"It is necessary to realize that machinery is bad. We shall then be able gradually to do away with it. Nature has not provided any way whereby we may reach a desired goal all of a sudden. If, instead of welcoming machinery as a boon, we should look upon it as an evil, it would ultimately go."31
Gandhi's apparent dislike for 'machinery' was partly because of what Manchester's' textile mills had done to India and partly because of him being 'rural-minded'. In his later writings, he said that the result of industrializing India would be like establishing an age of Ravana instead of the age of Ram.
In the last chapter of Hind Swaraj, aptly titled "Conclusion", Gandhi analysed in detail the parameters of what he conceived of as Swaraj and the means for obtaining it. It also highlighted his philosophy of patriotism which signified suffering for the nation's freedom - freedom not only in a material sense but in an ideological sense based on the principle of Swadeshi. In actual terms this would mean that all national institutions and systems, whether cultural, economic, administrative or political had to be of indigenous origin and all the primary needs of society were to be met through local resources. The British rulers could remain in India only "as servants of the people" and could derive no commercial benefit from her. India did not require the English language, English schools, courts or English cloth, she could manage with articles produced and manufactured at home.32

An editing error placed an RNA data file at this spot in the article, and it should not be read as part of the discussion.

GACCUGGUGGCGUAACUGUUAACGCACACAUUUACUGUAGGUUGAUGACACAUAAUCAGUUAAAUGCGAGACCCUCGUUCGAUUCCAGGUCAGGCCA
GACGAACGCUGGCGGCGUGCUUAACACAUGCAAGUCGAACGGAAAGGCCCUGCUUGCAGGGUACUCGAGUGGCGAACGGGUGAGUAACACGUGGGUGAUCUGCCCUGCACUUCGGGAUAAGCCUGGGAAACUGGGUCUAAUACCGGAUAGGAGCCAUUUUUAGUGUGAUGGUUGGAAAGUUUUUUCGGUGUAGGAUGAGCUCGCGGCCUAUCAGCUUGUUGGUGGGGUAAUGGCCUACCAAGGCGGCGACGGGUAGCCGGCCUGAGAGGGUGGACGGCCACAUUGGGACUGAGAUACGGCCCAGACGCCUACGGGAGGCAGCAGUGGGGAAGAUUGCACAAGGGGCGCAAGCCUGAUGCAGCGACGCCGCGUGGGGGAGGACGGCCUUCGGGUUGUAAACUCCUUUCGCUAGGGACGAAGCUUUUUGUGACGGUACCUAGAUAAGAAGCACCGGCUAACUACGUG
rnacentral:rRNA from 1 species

Gandhi threw a direct challenge to the British ruling establishment in as much as he says that the Indians and the English could work together only if their interests were identical. "If you act contrary to our will", he writes, "we shall not help you, and without our help, we know that you cannot move one step forward".33 Each person, he believed, had to experience this conviction for himself and not wait for others to act, the time for action would come the moment each realised, "If I do my duty, that is serve myself, I shall be able to serve others."34 Gandhi was aware that the path he advocated would involve a lot of sacrifice and suffering but then no nation had risen without suffering and "even in physical warfare the true test is suffering and not killing of others, much more so in the warfare of passive resistance."35 He ended the chapter with an exhortation," I have endeavoured to explain it (Swaraj) as I understand it and my conscience testifies that my life henceforth is dedicated to its attainment."
It may be mentioned that though Gandhi held on to the views expressed in Hind Swaraj even in 1938 in actual fact he did compromise on some key issues like 'machinery', 'railways', 'hospitals', etc. In January 1921, he wrote in Young India that the Swaraj he had visualized in Hind Swaraj was not his aim at this time because "India was not ripe for it ... it required a higher simplicity and renunciation than the people are today prepared for."36 But his prediction may prove prophetic in the contemporary global context when 'climate change' and 'sustainable development' are posing the biggest challenges for the future of humankind. An alternative development paradigm may be the need of the hour!